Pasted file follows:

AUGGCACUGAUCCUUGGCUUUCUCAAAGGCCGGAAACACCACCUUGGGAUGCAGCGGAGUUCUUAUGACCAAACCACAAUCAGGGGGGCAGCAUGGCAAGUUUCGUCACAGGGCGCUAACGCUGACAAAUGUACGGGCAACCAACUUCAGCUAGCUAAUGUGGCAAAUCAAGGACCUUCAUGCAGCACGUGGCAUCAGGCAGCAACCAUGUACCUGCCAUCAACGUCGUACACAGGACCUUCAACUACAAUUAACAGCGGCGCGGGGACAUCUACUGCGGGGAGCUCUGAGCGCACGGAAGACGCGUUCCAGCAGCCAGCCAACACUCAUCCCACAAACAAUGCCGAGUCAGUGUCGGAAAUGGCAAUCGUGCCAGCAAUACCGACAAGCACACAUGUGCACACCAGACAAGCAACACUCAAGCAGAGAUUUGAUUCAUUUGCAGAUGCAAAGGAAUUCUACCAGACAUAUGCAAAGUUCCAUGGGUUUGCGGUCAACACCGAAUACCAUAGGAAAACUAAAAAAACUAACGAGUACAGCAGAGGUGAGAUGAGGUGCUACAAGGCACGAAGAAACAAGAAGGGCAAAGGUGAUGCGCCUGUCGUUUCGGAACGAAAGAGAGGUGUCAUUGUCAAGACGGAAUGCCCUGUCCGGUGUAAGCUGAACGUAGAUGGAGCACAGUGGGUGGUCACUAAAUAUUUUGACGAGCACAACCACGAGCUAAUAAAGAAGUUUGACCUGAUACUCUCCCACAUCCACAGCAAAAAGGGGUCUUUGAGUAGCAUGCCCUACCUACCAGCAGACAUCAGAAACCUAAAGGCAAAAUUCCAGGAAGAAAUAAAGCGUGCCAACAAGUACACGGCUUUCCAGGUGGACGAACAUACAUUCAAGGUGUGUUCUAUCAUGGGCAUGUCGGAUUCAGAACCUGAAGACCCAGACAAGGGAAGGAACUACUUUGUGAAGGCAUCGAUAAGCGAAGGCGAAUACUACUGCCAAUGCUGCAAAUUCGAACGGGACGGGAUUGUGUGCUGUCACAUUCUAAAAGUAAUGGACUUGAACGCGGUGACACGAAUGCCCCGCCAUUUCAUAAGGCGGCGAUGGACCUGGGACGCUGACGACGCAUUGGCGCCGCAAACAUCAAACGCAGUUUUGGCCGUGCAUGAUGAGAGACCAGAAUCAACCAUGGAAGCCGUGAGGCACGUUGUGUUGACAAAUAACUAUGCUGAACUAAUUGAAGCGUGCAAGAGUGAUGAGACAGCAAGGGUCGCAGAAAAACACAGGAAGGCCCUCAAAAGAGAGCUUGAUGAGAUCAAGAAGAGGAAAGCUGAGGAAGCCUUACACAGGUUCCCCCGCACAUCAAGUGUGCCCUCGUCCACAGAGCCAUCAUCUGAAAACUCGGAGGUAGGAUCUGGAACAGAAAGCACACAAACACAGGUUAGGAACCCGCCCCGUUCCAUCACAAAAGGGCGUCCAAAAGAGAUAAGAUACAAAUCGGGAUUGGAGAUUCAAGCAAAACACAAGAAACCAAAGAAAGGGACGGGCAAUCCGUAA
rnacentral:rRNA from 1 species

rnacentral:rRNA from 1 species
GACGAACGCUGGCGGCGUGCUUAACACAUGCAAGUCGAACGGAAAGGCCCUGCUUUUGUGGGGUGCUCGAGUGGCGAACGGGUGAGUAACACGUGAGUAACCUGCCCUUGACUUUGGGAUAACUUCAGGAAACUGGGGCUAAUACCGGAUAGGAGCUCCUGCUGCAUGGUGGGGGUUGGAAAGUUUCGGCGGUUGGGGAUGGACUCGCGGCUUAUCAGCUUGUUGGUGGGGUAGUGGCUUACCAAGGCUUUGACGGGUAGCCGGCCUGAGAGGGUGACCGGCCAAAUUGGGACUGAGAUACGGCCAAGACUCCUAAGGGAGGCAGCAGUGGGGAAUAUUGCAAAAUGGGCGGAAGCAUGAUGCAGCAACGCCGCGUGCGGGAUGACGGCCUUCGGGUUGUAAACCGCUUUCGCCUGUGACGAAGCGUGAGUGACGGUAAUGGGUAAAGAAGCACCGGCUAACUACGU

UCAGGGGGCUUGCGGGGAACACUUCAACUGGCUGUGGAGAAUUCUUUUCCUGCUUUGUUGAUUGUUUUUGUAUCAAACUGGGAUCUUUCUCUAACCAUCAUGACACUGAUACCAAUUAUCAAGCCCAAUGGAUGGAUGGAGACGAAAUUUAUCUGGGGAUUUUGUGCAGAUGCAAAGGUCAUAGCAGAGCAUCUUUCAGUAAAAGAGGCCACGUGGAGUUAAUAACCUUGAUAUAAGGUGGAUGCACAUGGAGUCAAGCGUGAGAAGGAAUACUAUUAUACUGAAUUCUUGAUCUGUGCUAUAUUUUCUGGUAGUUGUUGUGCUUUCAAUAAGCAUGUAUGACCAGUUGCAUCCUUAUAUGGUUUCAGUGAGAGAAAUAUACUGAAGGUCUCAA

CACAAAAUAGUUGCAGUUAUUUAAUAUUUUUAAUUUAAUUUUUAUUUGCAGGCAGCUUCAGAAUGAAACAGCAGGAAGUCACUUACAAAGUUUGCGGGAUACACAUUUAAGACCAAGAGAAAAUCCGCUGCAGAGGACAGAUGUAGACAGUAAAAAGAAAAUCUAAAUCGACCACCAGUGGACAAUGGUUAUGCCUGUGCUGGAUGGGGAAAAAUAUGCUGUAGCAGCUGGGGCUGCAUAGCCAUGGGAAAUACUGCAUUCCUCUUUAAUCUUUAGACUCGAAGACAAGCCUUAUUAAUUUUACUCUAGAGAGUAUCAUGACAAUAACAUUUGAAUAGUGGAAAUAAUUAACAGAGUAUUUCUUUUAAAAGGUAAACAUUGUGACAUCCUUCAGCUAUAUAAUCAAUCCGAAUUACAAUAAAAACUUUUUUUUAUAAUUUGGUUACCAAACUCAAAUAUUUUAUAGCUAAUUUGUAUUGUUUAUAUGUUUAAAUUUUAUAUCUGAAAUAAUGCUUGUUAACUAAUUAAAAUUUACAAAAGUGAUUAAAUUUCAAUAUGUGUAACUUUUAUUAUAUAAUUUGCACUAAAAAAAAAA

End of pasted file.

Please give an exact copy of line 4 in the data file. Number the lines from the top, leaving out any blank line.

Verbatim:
GACGAACGCUGGCGGCGUGCUUAACACAUGCAAGUCGAACGGAAAGGCCCUGCUUUUGUGGGGUGCUCGAGUGGCGAACGGGUGAGUAACACGUGAGUAACCUGCCCUUGACUUUGGGAUAACUUCAGGAAACUGGGGCUAAUACCGGAUAGGAGCUCCUGCUGCAUGGUGGGGGUUGGAAAGUUUCGGCGGUUGGGGAUGGACUCGCGGCUUAUCAGCUUGUUGGUGGGGUAGUGGCUUACCAAGGCUUUGACGGGUAGCCGGCCUGAGAGGGUGACCGGCCAAAUUGGGACUGAGAUACGGCCAAGACUCCUAAGGGAGGCAGCAGUGGGGAAUAUUGCAAAAUGGGCGGAAGCAUGAUGCAGCAACGCCGCGUGCGGGAUGACGGCCUUCGGGUUGUAAACCGCUUUCGCCUGUGACGAAGCGUGAGUGACGGUAAUGGGUAAAGAAGCACCGGCUAACUACGU